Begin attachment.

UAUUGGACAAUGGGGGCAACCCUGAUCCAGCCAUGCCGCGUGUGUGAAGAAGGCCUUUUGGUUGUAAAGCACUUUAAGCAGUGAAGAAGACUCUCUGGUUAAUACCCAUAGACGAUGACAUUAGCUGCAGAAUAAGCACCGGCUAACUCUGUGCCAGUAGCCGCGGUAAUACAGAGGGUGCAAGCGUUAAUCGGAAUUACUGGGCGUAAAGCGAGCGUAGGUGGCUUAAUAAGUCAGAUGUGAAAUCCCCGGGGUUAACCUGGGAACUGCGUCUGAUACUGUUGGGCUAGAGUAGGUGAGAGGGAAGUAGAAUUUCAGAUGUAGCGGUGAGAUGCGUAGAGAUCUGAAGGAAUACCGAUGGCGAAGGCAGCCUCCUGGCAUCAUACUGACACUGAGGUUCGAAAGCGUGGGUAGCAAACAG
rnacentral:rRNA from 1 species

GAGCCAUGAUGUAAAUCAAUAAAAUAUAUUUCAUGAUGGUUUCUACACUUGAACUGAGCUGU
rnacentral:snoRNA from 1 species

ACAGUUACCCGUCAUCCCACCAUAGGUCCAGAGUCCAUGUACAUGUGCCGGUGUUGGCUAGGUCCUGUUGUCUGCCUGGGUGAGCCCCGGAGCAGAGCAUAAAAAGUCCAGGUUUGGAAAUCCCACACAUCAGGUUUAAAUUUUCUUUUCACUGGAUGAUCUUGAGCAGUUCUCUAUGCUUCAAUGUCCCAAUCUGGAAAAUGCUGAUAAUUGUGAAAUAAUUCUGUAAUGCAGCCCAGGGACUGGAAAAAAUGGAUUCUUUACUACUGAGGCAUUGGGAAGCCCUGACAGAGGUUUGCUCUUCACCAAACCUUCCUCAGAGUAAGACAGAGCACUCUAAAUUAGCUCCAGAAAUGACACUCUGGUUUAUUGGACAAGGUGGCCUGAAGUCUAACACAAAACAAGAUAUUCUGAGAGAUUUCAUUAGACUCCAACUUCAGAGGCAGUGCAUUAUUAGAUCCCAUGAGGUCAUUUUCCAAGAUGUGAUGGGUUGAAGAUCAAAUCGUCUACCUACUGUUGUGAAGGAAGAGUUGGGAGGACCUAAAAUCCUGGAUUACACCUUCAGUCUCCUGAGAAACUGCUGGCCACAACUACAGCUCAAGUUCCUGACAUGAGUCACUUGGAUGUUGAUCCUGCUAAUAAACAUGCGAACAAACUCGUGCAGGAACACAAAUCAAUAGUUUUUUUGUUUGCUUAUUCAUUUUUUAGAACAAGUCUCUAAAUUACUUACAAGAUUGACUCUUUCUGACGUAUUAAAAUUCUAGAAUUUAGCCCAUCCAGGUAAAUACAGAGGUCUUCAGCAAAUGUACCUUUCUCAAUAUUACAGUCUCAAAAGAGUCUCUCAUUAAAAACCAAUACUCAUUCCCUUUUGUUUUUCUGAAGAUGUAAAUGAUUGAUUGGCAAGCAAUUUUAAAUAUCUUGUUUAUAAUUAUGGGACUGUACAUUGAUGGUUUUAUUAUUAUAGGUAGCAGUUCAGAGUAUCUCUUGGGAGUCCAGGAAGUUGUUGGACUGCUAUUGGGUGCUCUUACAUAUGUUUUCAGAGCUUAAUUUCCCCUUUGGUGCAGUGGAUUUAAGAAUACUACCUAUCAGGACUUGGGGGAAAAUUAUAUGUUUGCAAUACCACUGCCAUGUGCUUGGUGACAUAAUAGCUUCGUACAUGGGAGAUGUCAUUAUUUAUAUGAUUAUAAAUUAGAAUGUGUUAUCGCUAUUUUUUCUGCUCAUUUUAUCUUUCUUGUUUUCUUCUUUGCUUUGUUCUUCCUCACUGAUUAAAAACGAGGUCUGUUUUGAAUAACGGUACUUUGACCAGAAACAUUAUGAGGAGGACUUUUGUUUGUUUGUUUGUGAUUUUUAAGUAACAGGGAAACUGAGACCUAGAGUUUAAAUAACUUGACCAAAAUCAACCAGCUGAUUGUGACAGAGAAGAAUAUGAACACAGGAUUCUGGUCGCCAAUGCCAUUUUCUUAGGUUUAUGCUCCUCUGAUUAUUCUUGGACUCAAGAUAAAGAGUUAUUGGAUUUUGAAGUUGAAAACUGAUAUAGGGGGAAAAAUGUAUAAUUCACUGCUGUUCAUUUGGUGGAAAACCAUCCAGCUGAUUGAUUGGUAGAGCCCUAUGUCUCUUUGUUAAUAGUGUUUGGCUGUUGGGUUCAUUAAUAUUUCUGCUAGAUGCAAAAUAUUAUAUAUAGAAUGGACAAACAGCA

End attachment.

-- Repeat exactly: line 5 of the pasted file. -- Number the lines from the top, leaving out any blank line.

ACAGUUACCCGUCAUCCCACCAUAGGUCCAGAGUCCAUGUACAUGUGCCGGUGUUGGCUAGGUCCUGUUGUCUGCCUGGGUGAGCCCCGGAGCAGAGCAUAAAAAGUCCAGGUUUGGAAAUCCCACACAUCAGGUUUAAAUUUUCUUUUCACUGGAUGAUCUUGAGCAGUUCUCUAUGCUUCAAUGUCCCAAUCUGGAAAAUGCUGAUAAUUGUGAAAUAAUUCUGUAAUGCAGCCCAGGGACUGGAAAAAAUGGAUUCUUUACUACUGAGGCAUUGGGAAGCCCUGACAGAGGUUUGCUCUUCACCAAACCUUCCUCAGAGUAAGACAGAGCACUCUAAAUUAGCUCCAGAAAUGACACUCUGGUUUAUUGGACAAGGUGGCCUGAAGUCUAACACAAAACAAGAUAUUCUGAGAGAUUUCAUUAGACUCCAACUUCAGAGGCAGUGCAUUAUUAGAUCCCAUGAGGUCAUUUUCCAAGAUGUGAUGGGUUGAAGAUCAAAUCGUCUACCUACUGUUGUGAAGGAAGAGUUGGGAGGACCUAAAAUCCUGGAUUACACCUUCAGUCUCCUGAGAAACUGCUGGCCACAACUACAGCUCAAGUUCCUGACAUGAGUCACUUGGAUGUUGAUCCUGCUAAUAAACAUGCGAACAAACUCGUGCAGGAACACAAAUCAAUAGUUUUUUUGUUUGCUUAUUCAUUUUUUAGAACAAGUCUCUAAAUUACUUACAAGAUUGACUCUUUCUGACGUAUUAAAAUUCUAGAAUUUAGCCCAUCCAGGUAAAUACAGAGGUCUUCAGCAAAUGUACCUUUCUCAAUAUUACAGUCUCAAAAGAGUCUCUCAUUAAAAACCAAUACUCAUUCCCUUUUGUUUUUCUGAAGAUGUAAAUGAUUGAUUGGCAAGCAAUUUUAAAUAUCUUGUUUAUAAUUAUGGGACUGUACAUUGAUGGUUUUAUUAUUAUAGGUAGCAGUUCAGAGUAUCUCUUGGGAGUCCAGGAAGUUGUUGGACUGCUAUUGGGUGCUCUUACAUAUGUUUUCAGAGCUUAAUUUCCCCUUUGGUGCAGUGGAUUUAAGAAUACUACCUAUCAGGACUUGGGGGAAAAUUAUAUGUUUGCAAUACCACUGCCAUGUGCUUGGUGACAUAAUAGCUUCGUACAUGGGAGAUGUCAUUAUUUAUAUGAUUAUAAAUUAGAAUGUGUUAUCGCUAUUUUUUCUGCUCAUUUUAUCUUUCUUGUUUUCUUCUUUGCUUUGUUCUUCCUCACUGAUUAAAAACGAGGUCUGUUUUGAAUAACGGUACUUUGACCAGAAACAUUAUGAGGAGGACUUUUGUUUGUUUGUUUGUGAUUUUUAAGUAACAGGGAAACUGAGACCUAGAGUUUAAAUAACUUGACCAAAAUCAACCAGCUGAUUGUGACAGAGAAGAAUAUGAACACAGGAUUCUGGUCGCCAAUGCCAUUUUCUUAGGUUUAUGCUCCUCUGAUUAUUCUUGGACUCAAGAUAAAGAGUUAUUGGAUUUUGAAGUUGAAAACUGAUAUAGGGGGAAAAAUGUAUAAUUCACUGCUGUUCAUUUGGUGGAAAACCAUCCAGCUGAUUGAUUGGUAGAGCCCUAUGUCUCUUUGUUAAUAGUGUUUGGCUGUUGGGUUCAUUAAUAUUUCUGCUAGAUGCAAAAUAUUAUAUAUAGAAUGGACAAACAGCA